And that expansion took on another name. I came to this town that is home to my church and my college straight from grad school, a town called Liberty. Thus my chosen name for this little piece of God’s good earth: Greater Liberty.

When one day in our town a doctor said to me, “You have a damnable disease and can’t be active,” friends in our town encouraged me to test that prognosis. Get on your bicycle, alone and without money, in Orlando. Ride northwest to Seattle, then south to Anaheim: 5,126 miles in 105 days from Disney World to Disneyland.

When that time had passed and Mickey Mouse had given me a trophy and Disney had named me, “The Pedalin’ Prof from William Jewell College,” the Governor of Louisiana invited my students and me to come help his state. A member of the KKK had just been elected to their state legislature. From that invitation came a group my students christened HateBusters. A song and a movie called Ghost Busters was the rage at the time; two students reworked the lyrics and created our theme song.

After our trip to Louisiana, we began to be invited all over the country by governors, mayors, universities, colleges, schools, civic clubs, police departments, prisons, private citizens. We were doing too much, spreading ourselves too thin, diluting our effectiveness. We liked being small in number, having time to enjoy life’s quieter moments, living along the road less traveled.

On my cross county bike ride I had ridden 125 miles on my very best days. So I asked the Gallup Map folks to draw a 125-mile circle around our town, an area going north to Creston, Iowa and south to Carthage, Missouri; east to Columbia, Missouri and west to Manhattan, Kansas. This is now the little piece of God’s good earth I think of as Greater Liberty. And this is now where we HateBusters focus our efforts to teach people how to like people and why we all should immediately and visibly oppose hate when it appears among us.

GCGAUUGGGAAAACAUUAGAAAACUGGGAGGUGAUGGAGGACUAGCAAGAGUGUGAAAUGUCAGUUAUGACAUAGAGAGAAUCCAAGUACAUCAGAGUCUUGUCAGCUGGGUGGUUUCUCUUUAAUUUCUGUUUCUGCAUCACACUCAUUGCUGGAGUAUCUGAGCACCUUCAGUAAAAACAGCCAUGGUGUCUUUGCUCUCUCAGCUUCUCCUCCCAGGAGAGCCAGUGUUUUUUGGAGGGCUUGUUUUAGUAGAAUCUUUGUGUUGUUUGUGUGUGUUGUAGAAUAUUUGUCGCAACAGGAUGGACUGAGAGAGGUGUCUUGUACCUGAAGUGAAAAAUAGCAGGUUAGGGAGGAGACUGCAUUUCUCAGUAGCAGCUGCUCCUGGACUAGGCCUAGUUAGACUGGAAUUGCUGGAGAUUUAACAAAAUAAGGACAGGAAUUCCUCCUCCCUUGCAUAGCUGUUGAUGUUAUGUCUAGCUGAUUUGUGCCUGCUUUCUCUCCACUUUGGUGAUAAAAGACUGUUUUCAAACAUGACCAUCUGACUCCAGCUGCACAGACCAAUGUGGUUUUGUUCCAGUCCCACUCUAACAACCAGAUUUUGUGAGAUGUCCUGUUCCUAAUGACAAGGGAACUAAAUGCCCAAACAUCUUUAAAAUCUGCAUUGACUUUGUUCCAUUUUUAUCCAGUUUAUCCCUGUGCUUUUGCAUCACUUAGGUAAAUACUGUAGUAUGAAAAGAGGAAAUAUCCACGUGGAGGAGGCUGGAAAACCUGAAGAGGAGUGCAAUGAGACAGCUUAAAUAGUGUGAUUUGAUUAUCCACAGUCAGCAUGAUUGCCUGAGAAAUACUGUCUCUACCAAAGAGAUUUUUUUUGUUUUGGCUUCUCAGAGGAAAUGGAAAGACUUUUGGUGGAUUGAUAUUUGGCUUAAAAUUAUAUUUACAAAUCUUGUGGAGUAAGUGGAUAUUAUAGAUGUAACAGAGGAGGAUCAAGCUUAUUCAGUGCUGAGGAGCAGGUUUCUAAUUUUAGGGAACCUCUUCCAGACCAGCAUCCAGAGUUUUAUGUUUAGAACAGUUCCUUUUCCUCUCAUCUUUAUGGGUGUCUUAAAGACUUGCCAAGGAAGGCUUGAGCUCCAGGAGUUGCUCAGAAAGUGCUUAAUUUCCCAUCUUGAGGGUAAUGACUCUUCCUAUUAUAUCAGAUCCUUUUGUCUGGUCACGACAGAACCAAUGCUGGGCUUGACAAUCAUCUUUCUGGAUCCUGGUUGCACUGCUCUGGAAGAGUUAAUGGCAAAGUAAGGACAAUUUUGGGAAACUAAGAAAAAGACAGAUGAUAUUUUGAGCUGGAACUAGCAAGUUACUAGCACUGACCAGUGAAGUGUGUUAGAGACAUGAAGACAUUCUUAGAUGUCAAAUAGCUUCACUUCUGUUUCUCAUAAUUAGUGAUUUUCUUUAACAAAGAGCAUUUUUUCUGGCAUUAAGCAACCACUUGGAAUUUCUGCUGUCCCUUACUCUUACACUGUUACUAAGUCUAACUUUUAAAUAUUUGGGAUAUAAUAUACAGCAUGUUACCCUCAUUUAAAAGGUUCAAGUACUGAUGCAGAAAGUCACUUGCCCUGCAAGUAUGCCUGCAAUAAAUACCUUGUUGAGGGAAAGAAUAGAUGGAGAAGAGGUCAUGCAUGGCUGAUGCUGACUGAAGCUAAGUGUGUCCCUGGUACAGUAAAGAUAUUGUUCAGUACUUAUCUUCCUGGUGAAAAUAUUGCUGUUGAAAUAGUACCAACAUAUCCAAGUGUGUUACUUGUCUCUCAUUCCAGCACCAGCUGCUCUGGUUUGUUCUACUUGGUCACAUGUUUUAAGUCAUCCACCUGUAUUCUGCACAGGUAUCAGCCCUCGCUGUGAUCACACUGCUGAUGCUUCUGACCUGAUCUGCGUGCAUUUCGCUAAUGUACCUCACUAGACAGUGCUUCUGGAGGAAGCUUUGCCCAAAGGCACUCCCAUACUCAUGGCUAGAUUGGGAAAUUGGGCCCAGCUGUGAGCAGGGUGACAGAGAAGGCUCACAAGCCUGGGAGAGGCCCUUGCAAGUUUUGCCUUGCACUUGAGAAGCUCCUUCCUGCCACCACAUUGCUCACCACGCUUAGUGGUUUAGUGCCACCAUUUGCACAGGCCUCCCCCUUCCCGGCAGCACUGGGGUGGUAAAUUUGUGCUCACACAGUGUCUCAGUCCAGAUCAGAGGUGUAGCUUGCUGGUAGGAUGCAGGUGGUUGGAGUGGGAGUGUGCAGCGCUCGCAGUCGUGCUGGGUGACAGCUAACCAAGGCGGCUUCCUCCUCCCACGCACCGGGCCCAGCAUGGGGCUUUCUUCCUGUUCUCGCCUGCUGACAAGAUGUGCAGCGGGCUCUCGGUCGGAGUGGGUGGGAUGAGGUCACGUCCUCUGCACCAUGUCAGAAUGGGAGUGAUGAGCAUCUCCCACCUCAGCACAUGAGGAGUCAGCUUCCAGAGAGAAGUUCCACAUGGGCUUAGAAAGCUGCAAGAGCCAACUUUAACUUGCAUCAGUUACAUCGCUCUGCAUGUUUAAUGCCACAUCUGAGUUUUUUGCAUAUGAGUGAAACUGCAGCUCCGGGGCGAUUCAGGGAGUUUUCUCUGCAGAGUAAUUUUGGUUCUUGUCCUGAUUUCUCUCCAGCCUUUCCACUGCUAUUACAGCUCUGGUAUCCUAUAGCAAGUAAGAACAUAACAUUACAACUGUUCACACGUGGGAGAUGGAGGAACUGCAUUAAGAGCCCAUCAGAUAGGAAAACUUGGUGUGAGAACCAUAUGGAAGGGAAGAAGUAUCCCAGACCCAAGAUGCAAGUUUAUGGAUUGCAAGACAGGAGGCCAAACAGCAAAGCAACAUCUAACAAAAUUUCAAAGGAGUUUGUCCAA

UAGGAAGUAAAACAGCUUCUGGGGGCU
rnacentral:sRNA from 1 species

My church years ago appointed me Ambassador to Other Communities of Faith, and when I left my college to devote my time to HateBusters, now a 501 C-3, non-profit, my college appointed me Professor Emeritus and asks me now and then to teach a class and be of service in other ways.

Out and about on my bike in Greater Liberty, the place, I practice Greater Liberty, the principle. This is that principle: We all have Greater Liberty than we ever will know to rise above and live beyond all the limits imposed upon us by the names we are given. We can become World Class Persons, able to go anywhere at anytime and talk to anyone about anything and feel safe. We are more than our age, our gender, our race, our religion, our social class, our nationality, our politics, our sexual orientation. Every person on the planet is precious.

The knowledge we all need in our little piece of God’s good earth is to know that until we know each other, who is right is the wrong question. The job, then, that we are called to perform is to endorse our differences. Having realized that our diversity informs our collective genius, that we all would be less if any part were missing, we celebrate together those distinctives that give our life together its flavor.

Though we can’t all live in Greater Liberty, the place, more of us could live by the principle.

An online copy of our book, How To Like People Who Are not Like You is free to those who send an email request to hatebuster@aol.com. Print copies are available for a donation of $10 for each book to those who go to http://www.greateliberty.org or http://www.hatebusters.com click on DONATE and use PayPal. Donations cover print and postage costs and help HateBusters help folks hurt by hate.